Arthritis & Rheumatism, Volume 62,
November 2010 Abstract Supplement
Abstracts of the American College of
Rheumatology/Association of Rheumatology Health Professionals
Annual Scientific Meeting
Atlanta, Georgia November 6-11, 2010.
A Pilot Study To Evaluate Digital Perfusion in Scleroderma Patients Treated with Oral Treprostinil.
Shah2, Ami A., Hummers2, Laura K., Rollins4, Kristan D., Walker4, Susan, Wade4, Mike, Anderson3, Cynthia, Wise3, Robert
Raynaud's phenomenon and a small vessel obliterative vasculopathy in scleroderma frequently lead to ischemic digital ulcers (DU). Previous studies have demonstrated a therapeutic effect of intravenous prostacyclin analogs for ischemic DU, but oral prostacyclin analogs have had limited success. During a Phase I pharmacokinetic (PK) trial of an oral treprostinil formulation, we sought to quantify changes in perfusion as assessed by laser Doppler imaging (LDI) and to determine whether improvements in perfusion correlated with drug concentration.
Ten patients with scleroderma and a history of recent or active ischemic DU were enrolled into the study. All subjects received oral treprostinil and titrated the dose up to 4mg twice daily (BID) as tolerated over 68 weeks. Assessments were performed when subjects achieved the 2mg and 4mg (or maximally tolerated) doses. Subjects who did not reach a dose of 2 mg BID during the study had assessments performed only at the end of study visit. Eight serial measures of digital perfusion and drug concentration were obtained at each of the 2 study visits. Repeated measures analyses using random effects models were performed using perfusion and skin temperature as dependent variables of interest and perfusion obtained at drug trough, log-transformed drug concentration, visit number, individual timepoints of Doppler assessment at each PK visit, and left/right hand as potential explanatory variables. Covariates with p-values <0.15 were retained in the statistical model.
Ten subjects with a mean age of 44.3 years and mean scleroderma disease duration of 12.2 years were studied. Seventy percent had limited cutaneous scleroderma. Nine subjects tolerated the 2mg BID dose by the first PK visit, and 6 subjects tolerated the 4mg BID dose by the 2nd PK visit. Two subjects completed the study at 0.5mg BID and 1mg BID, respectively. Subjects experienced transient adverse effects typical of prostacyclin therapy: headache, jaw pain, photosensitivity, fatigue, leg pain, nausea, emesis, diarrhea, abdominal bloating, and flushing.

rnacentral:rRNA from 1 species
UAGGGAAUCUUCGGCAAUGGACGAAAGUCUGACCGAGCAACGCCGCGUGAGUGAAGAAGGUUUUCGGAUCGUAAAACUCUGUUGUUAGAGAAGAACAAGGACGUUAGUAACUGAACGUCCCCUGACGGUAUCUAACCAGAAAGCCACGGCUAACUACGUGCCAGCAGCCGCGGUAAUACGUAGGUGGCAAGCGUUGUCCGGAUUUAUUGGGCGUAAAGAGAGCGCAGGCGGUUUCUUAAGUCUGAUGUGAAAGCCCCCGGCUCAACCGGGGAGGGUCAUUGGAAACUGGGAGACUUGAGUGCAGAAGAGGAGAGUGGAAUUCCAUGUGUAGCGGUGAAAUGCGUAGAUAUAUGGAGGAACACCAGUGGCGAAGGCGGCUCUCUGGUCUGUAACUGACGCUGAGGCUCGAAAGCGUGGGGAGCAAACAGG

Perfusion was positively associated with log-transformed plasma concentration at the 4mg visit (but not the 2mg visit), after adjusting for the individual time points of Doppler assessment at each PK visit (p=0.015). Digital skin temperature was positively associated with log-transformed plasma concentration at the 4mg visit (but not the 2mg visit), after adjusting for the individual time points of Doppler assessment at each PK visit (p=0.013).
An increase in digital perfusion was observed with increased treprostinil blood concentrations, suggesting a dose-response relationship. Further investigation with a larger sample size and a control population is needed to confirm this association, to correct for individual subjects' natural perfusion variations, and to evaluate for dose effects.
To cite this abstract, please use the following information:
Shah, Ami A., Hummers, Laura K., Rollins, Kristan D., Walker, Susan, Wade, Mike, Anderson, Cynthia, et al; A Pilot Study To Evaluate Digital Perfusion in Scleroderma Patients Treated with Oral Treprostinil. [abstract]. Arthritis Rheum 2010;62 Suppl 10 :1201